Regulations are developed via a system of ministerial collaborations and discussions, consultation with the State Council, selection of the text and passage by the Council of Ministers. This is followed by discussions in Parliament, approval by the Constitutional Council and finally approved by the President for publication and distribution to interested stakeholders.
Based on the Constitution of 2011, the regulatory power belongs to the President of the Republic and the Prime Minister who can issue regulations for the whole of the national territory. Other administrative authorities also have regulatory power, such as ministers, governors, or prefects and mayors, who have the power of enforcement at the local level.
Ministries or regulatory agencies do not conduct impact assessments of proposed regulations. However, ministries or regulatory agencies solicit comments on proposed regulations from the general public through public meetings and targeted outreach to stakeholders, such as business associations or other groups. Public comments are generally not published.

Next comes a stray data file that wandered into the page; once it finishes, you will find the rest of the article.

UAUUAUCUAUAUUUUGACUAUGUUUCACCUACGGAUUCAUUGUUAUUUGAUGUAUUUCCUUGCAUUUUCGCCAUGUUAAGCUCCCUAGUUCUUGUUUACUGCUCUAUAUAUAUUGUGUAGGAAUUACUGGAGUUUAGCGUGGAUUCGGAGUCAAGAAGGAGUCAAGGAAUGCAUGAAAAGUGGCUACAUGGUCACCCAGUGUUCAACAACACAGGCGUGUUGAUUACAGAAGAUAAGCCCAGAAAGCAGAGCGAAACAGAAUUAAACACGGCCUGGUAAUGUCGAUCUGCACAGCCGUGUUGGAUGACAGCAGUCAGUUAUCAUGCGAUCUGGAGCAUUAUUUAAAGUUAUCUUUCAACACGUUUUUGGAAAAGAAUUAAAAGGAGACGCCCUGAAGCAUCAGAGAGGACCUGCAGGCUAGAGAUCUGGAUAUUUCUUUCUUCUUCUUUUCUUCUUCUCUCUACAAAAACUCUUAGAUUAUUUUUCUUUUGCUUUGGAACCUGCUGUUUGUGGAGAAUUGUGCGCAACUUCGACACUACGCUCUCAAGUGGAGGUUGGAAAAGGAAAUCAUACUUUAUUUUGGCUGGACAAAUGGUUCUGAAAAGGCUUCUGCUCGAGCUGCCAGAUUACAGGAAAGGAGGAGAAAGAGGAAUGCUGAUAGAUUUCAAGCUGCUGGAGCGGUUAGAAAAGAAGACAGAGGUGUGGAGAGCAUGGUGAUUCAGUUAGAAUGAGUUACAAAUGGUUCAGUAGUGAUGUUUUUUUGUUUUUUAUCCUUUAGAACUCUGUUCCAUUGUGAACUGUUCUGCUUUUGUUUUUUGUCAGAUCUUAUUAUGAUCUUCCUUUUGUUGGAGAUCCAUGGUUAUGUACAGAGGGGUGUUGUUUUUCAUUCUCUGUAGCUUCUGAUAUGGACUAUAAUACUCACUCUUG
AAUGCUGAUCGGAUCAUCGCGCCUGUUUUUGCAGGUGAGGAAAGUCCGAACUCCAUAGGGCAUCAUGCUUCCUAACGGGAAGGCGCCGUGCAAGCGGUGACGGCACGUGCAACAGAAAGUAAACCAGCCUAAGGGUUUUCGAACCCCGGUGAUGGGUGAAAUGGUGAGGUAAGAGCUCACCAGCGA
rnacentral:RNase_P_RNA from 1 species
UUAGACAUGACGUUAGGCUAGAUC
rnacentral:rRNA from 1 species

Public finances and debt obligations are not enough transparent; however, the International Monetary Fund and the European Union are funding projects to improve finances and debt transparency in which there is annual review that Niger is assessed to make progress.
International Regulatory Considerations
Niger is a part of the Economic Community of West African States (ECOWAS), a 15-member West African trade block. National policy generally adheres to ECOWAS guidelines concerning business regulations.